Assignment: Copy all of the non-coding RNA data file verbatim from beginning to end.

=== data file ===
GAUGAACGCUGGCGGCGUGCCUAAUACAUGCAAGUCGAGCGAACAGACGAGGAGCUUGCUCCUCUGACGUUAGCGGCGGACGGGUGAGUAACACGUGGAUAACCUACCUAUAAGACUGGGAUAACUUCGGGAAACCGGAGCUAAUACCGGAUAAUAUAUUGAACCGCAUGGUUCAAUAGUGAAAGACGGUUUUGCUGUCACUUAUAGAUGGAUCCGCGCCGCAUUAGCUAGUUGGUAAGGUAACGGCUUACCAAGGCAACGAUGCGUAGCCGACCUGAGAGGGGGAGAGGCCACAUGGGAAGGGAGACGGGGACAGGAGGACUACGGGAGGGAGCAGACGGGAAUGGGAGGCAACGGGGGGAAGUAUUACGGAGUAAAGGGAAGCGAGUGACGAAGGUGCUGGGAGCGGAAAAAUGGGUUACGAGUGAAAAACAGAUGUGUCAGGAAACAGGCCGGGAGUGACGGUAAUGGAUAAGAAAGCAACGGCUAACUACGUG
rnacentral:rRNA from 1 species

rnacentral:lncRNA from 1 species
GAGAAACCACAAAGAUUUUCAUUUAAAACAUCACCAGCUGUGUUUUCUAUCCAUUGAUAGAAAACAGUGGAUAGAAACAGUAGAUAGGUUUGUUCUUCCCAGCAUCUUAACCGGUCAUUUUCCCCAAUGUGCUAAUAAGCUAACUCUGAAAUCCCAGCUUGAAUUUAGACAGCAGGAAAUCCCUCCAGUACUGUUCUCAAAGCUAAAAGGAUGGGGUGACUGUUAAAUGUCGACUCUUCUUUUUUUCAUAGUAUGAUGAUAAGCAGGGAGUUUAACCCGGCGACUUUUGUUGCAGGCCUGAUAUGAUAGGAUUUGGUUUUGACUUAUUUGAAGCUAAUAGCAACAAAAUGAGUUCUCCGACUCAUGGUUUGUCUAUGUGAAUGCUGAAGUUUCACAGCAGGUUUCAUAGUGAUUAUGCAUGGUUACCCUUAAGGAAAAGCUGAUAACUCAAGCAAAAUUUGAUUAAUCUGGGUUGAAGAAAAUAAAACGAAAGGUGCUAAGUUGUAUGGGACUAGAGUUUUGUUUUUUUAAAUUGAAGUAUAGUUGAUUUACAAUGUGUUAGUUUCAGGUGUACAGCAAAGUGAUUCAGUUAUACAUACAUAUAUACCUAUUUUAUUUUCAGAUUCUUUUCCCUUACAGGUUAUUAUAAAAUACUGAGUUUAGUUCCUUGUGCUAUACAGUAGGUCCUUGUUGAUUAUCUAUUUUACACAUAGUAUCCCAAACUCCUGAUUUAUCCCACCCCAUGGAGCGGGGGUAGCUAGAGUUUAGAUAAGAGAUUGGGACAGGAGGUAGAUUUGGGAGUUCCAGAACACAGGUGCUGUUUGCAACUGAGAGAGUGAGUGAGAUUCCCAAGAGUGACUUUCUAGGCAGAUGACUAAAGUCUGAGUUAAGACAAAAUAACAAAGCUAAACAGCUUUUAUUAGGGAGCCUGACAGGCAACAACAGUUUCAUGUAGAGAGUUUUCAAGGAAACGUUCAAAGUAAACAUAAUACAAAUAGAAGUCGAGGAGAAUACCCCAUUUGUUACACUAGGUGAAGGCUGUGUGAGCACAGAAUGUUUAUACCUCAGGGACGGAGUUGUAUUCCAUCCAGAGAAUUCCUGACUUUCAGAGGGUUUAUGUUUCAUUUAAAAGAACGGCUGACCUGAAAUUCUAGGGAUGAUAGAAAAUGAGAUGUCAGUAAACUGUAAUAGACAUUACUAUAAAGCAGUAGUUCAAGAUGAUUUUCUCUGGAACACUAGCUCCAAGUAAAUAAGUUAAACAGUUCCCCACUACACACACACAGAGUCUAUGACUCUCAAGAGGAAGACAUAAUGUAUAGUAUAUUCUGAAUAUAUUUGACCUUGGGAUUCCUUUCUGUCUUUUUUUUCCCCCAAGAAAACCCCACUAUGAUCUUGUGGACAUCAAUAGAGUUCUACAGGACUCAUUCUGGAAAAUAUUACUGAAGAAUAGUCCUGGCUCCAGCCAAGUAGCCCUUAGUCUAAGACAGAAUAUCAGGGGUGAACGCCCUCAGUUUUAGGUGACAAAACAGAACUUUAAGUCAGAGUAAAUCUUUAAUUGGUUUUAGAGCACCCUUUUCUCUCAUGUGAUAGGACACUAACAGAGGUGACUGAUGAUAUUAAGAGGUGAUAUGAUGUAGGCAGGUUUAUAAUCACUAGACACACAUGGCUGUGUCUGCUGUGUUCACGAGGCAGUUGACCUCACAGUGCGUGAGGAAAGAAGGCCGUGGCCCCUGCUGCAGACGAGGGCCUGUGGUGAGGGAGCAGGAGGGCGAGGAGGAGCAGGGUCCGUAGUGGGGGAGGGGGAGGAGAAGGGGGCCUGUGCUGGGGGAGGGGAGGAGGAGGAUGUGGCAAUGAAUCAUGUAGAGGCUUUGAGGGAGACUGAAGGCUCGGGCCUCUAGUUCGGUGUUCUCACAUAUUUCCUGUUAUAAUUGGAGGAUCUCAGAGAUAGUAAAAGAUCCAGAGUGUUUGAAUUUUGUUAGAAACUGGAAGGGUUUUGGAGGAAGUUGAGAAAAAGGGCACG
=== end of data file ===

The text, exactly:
GAUGAACGCUGGCGGCGUGCCUAAUACAUGCAAGUCGAGCGAACAGACGAGGAGCUUGCUCCUCUGACGUUAGCGGCGGACGGGUGAGUAACACGUGGAUAACCUACCUAUAAGACUGGGAUAACUUCGGGAAACCGGAGCUAAUACCGGAUAAUAUAUUGAACCGCAUGGUUCAAUAGUGAAAGACGGUUUUGCUGUCACUUAUAGAUGGAUCCGCGCCGCAUUAGCUAGUUGGUAAGGUAACGGCUUACCAAGGCAACGAUGCGUAGCCGACCUGAGAGGGGGAGAGGCCACAUGGGAAGGGAGACGGGGACAGGAGGACUACGGGAGGGAGCAGACGGGAAUGGGAGGCAACGGGGGGAAGUAUUACGGAGUAAAGGGAAGCGAGUGACGAAGGUGCUGGGAGCGGAAAAAUGGGUUACGAGUGAAAAACAGAUGUGUCAGGAAACAGGCCGGGAGUGACGGUAAUGGAUAAGAAAGCAACGGCUAACUACGUG
rnacentral:rRNA from 1 species

rnacentral:lncRNA from 1 species
GAGAAACCACAAAGAUUUUCAUUUAAAACAUCACCAGCUGUGUUUUCUAUCCAUUGAUAGAAAACAGUGGAUAGAAACAGUAGAUAGGUUUGUUCUUCCCAGCAUCUUAACCGGUCAUUUUCCCCAAUGUGCUAAUAAGCUAACUCUGAAAUCCCAGCUUGAAUUUAGACAGCAGGAAAUCCCUCCAGUACUGUUCUCAAAGCUAAAAGGAUGGGGUGACUGUUAAAUGUCGACUCUUCUUUUUUUCAUAGUAUGAUGAUAAGCAGGGAGUUUAACCCGGCGACUUUUGUUGCAGGCCUGAUAUGAUAGGAUUUGGUUUUGACUUAUUUGAAGCUAAUAGCAACAAAAUGAGUUCUCCGACUCAUGGUUUGUCUAUGUGAAUGCUGAAGUUUCACAGCAGGUUUCAUAGUGAUUAUGCAUGGUUACCCUUAAGGAAAAGCUGAUAACUCAAGCAAAAUUUGAUUAAUCUGGGUUGAAGAAAAUAAAACGAAAGGUGCUAAGUUGUAUGGGACUAGAGUUUUGUUUUUUUAAAUUGAAGUAUAGUUGAUUUACAAUGUGUUAGUUUCAGGUGUACAGCAAAGUGAUUCAGUUAUACAUACAUAUAUACCUAUUUUAUUUUCAGAUUCUUUUCCCUUACAGGUUAUUAUAAAAUACUGAGUUUAGUUCCUUGUGCUAUACAGUAGGUCCUUGUUGAUUAUCUAUUUUACACAUAGUAUCCCAAACUCCUGAUUUAUCCCACCCCAUGGAGCGGGGGUAGCUAGAGUUUAGAUAAGAGAUUGGGACAGGAGGUAGAUUUGGGAGUUCCAGAACACAGGUGCUGUUUGCAACUGAGAGAGUGAGUGAGAUUCCCAAGAGUGACUUUCUAGGCAGAUGACUAAAGUCUGAGUUAAGACAAAAUAACAAAGCUAAACAGCUUUUAUUAGGGAGCCUGACAGGCAACAACAGUUUCAUGUAGAGAGUUUUCAAGGAAACGUUCAAAGUAAACAUAAUACAAAUAGAAGUCGAGGAGAAUACCCCAUUUGUUACACUAGGUGAAGGCUGUGUGAGCACAGAAUGUUUAUACCUCAGGGACGGAGUUGUAUUCCAUCCAGAGAAUUCCUGACUUUCAGAGGGUUUAUGUUUCAUUUAAAAGAACGGCUGACCUGAAAUUCUAGGGAUGAUAGAAAAUGAGAUGUCAGUAAACUGUAAUAGACAUUACUAUAAAGCAGUAGUUCAAGAUGAUUUUCUCUGGAACACUAGCUCCAAGUAAAUAAGUUAAACAGUUCCCCACUACACACACACAGAGUCUAUGACUCUCAAGAGGAAGACAUAAUGUAUAGUAUAUUCUGAAUAUAUUUGACCUUGGGAUUCCUUUCUGUCUUUUUUUUCCCCCAAGAAAACCCCACUAUGAUCUUGUGGACAUCAAUAGAGUUCUACAGGACUCAUUCUGGAAAAUAUUACUGAAGAAUAGUCCUGGCUCCAGCCAAGUAGCCCUUAGUCUAAGACAGAAUAUCAGGGGUGAACGCCCUCAGUUUUAGGUGACAAAACAGAACUUUAAGUCAGAGUAAAUCUUUAAUUGGUUUUAGAGCACCCUUUUCUCUCAUGUGAUAGGACACUAACAGAGGUGACUGAUGAUAUUAAGAGGUGAUAUGAUGUAGGCAGGUUUAUAAUCACUAGACACACAUGGCUGUGUCUGCUGUGUUCACGAGGCAGUUGACCUCACAGUGCGUGAGGAAAGAAGGCCGUGGCCCCUGCUGCAGACGAGGGCCUGUGGUGAGGGAGCAGGAGGGCGAGGAGGAGCAGGGUCCGUAGUGGGGGAGGGGGAGGAGAAGGGGGCCUGUGCUGGGGGAGGGGAGGAGGAGGAUGUGGCAAUGAAUCAUGUAGAGGCUUUGAGGGAGACUGAAGGCUCGGGCCUCUAGUUCGGUGUUCUCACAUAUUUCCUGUUAUAAUUGGAGGAUCUCAGAGAUAGUAAAAGAUCCAGAGUGUUUGAAUUUUGUUAGAAACUGGAAGGGUUUUGGAGGAAGUUGAGAAAAAGGGCACG